Navigation Links
New gene reduces retinal degeneration in fruit flies

Johns Hopkins researchers have discovered a gene in fruit flies that helps certain specialized neurons respond more quickly to bright light. The study, published in the April 4 issue of Current Biology, also has implications for understanding sensory perception in mammals.

In teasing apart the molecular interactions and physiology underlying light perception, the researchers studied a gene they dubbed "Lazaro" that is expressed 15 times higher in the fly eye than the rest of the fly head. They found that this gene is required for a second biochemical pathway that controls the activity of a protein called the TRP channel. TRP channels are found in fruit fly neurons responsible for sensing light. The fly TRP channel is the founding member of a family of related proteins in mammals that are essential for guiding certain nerves during development and for responding to stimuli including heat, taste and sound.

By shining bright light onto and recording electrical changes in single nerve cells in the fly eye, researchers found that neurons carrying a mutation in this gene cannot respond as well to light as compared to neurons carrying normal copies of this gene. In fact, the mutant neurons turn off their response to light four times faster than normal neurons. Because Lazaro helps fly TRP channels work at their maximum, it is possible that a Lazaro-like gene in mammals might also play a role in how well mammalian TRP channels work.

"These results have implications for understanding sensory signaling in mammals," says the study's senior author, Craig Montell, Ph.D., a professor in the biological chemistry department in the Institute of Basic Biomedical Sciences at Hopkins.

The researchers also discovered that alterations in this new gene greatly reduce the retinal degeneration caused by a different mutant. They named this new gene Lazaro after the novel Lazarillo de Tormes, in which the orphan boy Làzaro helps a blind man see.

Of th e molecules known to control TRP channels, a key player is diacylglycerol, known as DAG. DAG is known to be made by a well-studied biochemical pathway. The researchers found that Lazaro provides a second way to make DAG, enabling the cell to make more DAG.

Why is there a second pathway for DAG production? "We think Lazaro is priming the system for maximal light response," says Montell.

DAG can be metabolized to polyunsaturated fatty acids, which have been shown to control TRP channels in flies and may also control some mammalian TRP channels. However, exactly how these molecules exert their control remains unclear. In adding the Lazaro gene to the list of players, the researchers hope to learn more about how TRP channels are controlled.


'"/>

Source:Johns Hopkins Medical Institutions


Related biology news :

1. Male circumcision reduces risk of HIV transmission from women to men
2. Deficiency of growth hormone and IGF-1 reduces cancer and kidney disease, but creates other problems
3. New miniaturised chip dramatically reduces time taken for DNA analysis
4. New processing method reduces peanut allergenicity
5. Blocking the nerve receptor EP1 in mouse models reduces brain damage caused by stroke
6. Study finds that nutritionally enhanced rice reduces iron deficiency
7. Overfishing in inland waters reduces biodiversity and threatens health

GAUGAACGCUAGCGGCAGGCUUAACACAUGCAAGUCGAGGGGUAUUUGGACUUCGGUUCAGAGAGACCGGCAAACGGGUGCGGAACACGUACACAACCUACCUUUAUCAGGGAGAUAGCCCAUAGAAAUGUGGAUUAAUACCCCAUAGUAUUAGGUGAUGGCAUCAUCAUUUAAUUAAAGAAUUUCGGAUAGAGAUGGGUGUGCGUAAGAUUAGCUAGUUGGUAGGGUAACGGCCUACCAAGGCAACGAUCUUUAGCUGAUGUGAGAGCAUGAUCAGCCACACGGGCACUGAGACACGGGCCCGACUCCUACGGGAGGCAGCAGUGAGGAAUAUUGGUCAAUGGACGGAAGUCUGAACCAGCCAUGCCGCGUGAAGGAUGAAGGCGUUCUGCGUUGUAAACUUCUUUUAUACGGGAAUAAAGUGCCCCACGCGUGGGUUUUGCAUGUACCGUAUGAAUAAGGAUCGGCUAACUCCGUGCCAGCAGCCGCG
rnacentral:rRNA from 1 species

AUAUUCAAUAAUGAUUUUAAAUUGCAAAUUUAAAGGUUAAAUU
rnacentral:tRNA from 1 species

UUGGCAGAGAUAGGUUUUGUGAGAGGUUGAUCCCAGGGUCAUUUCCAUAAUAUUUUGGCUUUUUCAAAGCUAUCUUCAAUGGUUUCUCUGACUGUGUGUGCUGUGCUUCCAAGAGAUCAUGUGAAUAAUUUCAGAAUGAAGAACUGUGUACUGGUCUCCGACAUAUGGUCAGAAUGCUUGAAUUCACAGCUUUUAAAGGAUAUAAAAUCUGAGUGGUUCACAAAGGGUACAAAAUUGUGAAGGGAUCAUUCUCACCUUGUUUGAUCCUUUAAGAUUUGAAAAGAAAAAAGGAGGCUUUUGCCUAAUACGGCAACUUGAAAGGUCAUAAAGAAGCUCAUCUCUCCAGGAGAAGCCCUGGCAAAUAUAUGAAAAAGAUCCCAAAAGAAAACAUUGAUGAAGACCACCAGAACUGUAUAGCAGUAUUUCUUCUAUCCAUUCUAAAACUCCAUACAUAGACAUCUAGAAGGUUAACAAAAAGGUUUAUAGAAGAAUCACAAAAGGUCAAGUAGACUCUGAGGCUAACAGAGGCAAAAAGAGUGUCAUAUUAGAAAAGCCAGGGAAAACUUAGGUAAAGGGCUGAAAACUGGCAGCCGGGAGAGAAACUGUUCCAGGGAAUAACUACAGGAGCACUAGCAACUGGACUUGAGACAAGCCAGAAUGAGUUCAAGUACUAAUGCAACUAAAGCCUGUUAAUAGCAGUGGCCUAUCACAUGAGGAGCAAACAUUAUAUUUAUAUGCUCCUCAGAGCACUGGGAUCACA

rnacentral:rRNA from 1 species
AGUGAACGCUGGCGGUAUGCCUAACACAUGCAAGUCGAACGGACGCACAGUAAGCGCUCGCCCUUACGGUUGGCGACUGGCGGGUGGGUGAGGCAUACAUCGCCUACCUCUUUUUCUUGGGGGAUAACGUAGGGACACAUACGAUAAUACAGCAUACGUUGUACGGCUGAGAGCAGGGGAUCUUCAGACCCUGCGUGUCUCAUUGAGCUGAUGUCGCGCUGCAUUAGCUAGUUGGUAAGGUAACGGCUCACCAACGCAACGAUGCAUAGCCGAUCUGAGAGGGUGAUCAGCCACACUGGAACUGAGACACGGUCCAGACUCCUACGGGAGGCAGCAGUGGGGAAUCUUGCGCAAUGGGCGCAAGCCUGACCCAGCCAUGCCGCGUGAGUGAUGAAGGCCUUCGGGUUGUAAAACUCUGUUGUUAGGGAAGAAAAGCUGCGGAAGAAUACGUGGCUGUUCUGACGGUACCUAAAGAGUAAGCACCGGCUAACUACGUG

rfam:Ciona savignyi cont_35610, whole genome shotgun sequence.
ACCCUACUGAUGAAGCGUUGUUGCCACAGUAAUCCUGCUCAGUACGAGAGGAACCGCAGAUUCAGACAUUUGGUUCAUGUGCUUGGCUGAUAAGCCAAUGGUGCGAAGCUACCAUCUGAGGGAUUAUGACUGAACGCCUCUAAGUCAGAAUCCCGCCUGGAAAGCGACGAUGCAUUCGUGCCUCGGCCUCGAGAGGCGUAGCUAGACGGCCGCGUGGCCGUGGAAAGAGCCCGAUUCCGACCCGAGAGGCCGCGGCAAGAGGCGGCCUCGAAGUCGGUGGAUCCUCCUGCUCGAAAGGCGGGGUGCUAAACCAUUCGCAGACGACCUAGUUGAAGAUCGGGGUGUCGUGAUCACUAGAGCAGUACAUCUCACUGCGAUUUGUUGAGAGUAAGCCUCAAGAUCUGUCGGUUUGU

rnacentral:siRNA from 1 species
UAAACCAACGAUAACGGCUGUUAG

8. Aspirin reduces cardiovascular risks in men and women -- but differently
9. Prenatal nicotine exposure reduces breathing response of newborns...
10. Heat-shock protein vaccine reduces alveolar bone loss
11. New compound reduces stroke damage
Post Your Comments:
*Name:
*Comment:
*Email:


(Date:1/18/2016)... JOSE, Calif. , Jan. 18, 2016 /PRNewswire/ ... security software that simplifies the use and access ... technology and go-to-market partnership with American Cyber.  ... Cyber brings extensive experience leading transformational C4ISR and ... implementing and integrating the latest proven technology solutions," ...
(Date:1/13/2016)... ALBANY, New York , January 13, 2016 /PRNewswire/ ... Transparency Market Research has published a new market report ... Share, Growth, Trends, and Forecast, 2015 - 2023. According to ... mn in 2014 and is anticipated to reach US$1,625.8 ... from 2015 to 2023. In terms of volume, the ...
(Date:1/11/2016)... , Jan. 11, 2016 Synaptics Incorporated ... interface solutions, today announced that its ClearPad ® ... (TDDI) products won two separate categories in the 8 ... Innovator and Best Technology Breakthrough. The Synaptics ® ... a simplified supply chain, thinner devices, brighter displays and ...
Breaking Biology News(10 mins):
(Date:2/10/2016)... , Feb.10, 2016 ASAE is introducing a ... Management Companies (AMC) the option of joining or renewing ... fee determined by staff size, every employee in any ... ASAE and reap all available member benefits.   ... new organizational membership options will allow organizations of any ...
(Date:2/10/2016)... (NYSE MKT: ISR), a medical technology company and innovator ... treatment of prostate, brain, lung, head and neck and ... second quarter and six months of fiscal 2016, which ... --> Revenue was $1.19 million for ... 31, 2015, a 12% increase compared to $1.07 million ...
(Date:2/10/2016)... 2016  Matchbook, Inc., a company specializing in ... companies, announced today the appointment of Jim ... brings nearly 25 years of experience in supply ... nearly two decades in executive level roles as ... Genzyme and, most recently headed global logistics and ...
(Date:2/10/2016)... , ... February 10, 2016 , ... ... the International Society of Pharmaceutical Engineering (ISPE) Rocky Mountain Chapter 21st Annual Vendor ... expecting to fill more than 100 tables for its annual event, which will ...
Breaking Biology Technology: